Colorectal cancer accounted for 14 per cent of all cancer diagnoses in men and 12 per cent in women in England, in 2008. This makes it the third most common cancer and the third most common cause of cancer death in both men and women.
In 2008, there were around 18,000 new cases of colorectal cancer diagnosed in men and 14,600 in women. This is equivalent to an incidence rate of 57 new cases per 100,000 men and 37 per 100,000 women.
More than four out of every five new cases of colorectal cancer are diagnosed in people aged 60 and over, with cases peaking in the 70-79 age group in men and in the 85+ age group in women.
Incidence rates for colorectal cancer increased by 33 per cent for men and 12 per cent for women between 1971 and 2008. Rates peaked at 57 cases per 100,000 in men during the period 1998 to 2000 and more recently in 2008. For women, rates were highest in 1992 at 38 cases per 100,000 women.
Around 7,000 men and 6,000 women died from colorectal cancer in England in 2009, a rate of 21 deaths per 100,000 men and 13 per 100,000 women. Mortality rates for colorectal cancer have halved for women between 1971 and 2009 and have decreased by 38 per cent for men.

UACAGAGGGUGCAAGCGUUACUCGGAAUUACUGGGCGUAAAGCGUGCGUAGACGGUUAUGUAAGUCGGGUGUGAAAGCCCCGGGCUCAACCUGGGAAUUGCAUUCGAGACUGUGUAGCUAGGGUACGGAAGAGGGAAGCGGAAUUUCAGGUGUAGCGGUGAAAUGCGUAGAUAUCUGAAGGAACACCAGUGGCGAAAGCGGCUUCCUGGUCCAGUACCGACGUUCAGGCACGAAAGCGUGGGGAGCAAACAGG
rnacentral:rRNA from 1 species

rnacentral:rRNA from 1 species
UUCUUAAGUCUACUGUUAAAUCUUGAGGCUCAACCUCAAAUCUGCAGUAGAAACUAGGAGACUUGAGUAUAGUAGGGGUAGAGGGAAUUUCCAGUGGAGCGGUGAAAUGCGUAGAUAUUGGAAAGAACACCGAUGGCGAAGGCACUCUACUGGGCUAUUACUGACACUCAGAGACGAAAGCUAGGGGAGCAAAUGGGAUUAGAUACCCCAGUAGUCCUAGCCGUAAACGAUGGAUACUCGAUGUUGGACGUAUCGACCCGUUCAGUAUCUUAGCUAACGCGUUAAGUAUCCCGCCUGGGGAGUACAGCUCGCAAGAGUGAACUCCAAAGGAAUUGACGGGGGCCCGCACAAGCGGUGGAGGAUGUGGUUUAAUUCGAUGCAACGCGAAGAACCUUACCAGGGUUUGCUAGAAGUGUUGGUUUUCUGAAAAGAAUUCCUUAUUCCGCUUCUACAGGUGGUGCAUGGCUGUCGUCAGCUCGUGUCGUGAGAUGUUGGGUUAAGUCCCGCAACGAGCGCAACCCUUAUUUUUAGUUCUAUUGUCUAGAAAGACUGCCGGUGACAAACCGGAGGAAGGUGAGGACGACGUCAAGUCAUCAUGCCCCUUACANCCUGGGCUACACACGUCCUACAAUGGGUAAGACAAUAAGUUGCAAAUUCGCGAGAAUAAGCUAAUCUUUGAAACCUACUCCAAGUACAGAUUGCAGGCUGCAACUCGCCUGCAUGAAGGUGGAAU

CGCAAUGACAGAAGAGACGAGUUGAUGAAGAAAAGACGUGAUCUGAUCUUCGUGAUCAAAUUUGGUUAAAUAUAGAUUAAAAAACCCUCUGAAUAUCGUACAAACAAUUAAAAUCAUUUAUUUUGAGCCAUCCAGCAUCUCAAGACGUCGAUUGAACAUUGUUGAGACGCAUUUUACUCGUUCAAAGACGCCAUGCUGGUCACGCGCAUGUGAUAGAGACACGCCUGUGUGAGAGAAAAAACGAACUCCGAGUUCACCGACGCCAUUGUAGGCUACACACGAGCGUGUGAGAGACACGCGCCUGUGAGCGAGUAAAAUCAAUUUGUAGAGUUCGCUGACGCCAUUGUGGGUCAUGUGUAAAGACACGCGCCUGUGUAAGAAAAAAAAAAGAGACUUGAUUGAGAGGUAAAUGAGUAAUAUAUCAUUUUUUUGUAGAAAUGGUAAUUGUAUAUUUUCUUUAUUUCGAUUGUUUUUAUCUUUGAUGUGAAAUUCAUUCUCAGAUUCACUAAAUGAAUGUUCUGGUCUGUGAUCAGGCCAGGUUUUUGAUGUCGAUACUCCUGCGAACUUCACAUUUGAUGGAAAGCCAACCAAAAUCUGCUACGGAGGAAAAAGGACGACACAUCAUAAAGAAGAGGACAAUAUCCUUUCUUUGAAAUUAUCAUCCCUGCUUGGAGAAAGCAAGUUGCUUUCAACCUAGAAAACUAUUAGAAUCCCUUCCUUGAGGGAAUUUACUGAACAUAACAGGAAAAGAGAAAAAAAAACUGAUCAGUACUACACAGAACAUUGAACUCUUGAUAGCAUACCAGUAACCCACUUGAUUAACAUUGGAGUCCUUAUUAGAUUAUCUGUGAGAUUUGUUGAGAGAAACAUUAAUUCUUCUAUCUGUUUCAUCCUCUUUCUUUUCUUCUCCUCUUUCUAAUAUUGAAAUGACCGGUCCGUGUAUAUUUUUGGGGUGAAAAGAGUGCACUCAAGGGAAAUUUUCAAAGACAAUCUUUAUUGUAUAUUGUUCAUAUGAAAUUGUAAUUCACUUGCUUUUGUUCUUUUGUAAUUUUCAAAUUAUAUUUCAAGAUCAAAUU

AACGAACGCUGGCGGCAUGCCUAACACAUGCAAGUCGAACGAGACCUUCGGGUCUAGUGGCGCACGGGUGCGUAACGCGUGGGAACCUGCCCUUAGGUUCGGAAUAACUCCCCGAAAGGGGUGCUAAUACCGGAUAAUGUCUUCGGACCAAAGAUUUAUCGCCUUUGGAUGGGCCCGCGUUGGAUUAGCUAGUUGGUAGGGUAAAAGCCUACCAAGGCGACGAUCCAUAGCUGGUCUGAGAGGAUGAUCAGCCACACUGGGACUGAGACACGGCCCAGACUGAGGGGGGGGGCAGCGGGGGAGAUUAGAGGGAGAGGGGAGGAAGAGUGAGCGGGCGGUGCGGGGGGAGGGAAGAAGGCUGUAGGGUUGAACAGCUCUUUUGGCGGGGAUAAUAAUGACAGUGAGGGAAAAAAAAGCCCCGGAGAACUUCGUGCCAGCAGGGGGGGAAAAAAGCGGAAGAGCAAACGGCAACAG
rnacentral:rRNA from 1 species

Survival from cancer of the colon and rectum are calculated separately and have both doubled in 40 years. For colon cancer, five-year survival was 51 per cent for men and 53 per cent for women diagnosed in 2003-2007 and followed up to 2008. Five-year survival for those diagnosed in 1971-1975 and followed up to 1995 was 26 per cent for men and 25 per cent for women.
For cancer of the rectum, five-year survival was 53 per cent for men and 56 per cent for women diagnosed in 2003-2007 and followed up to 2008. Five-year survival for those diagnosed in 1971-1975 and followed up to 1995 was 27 per cent for men and 29 per cent for women.
Source: Office for National Statistics
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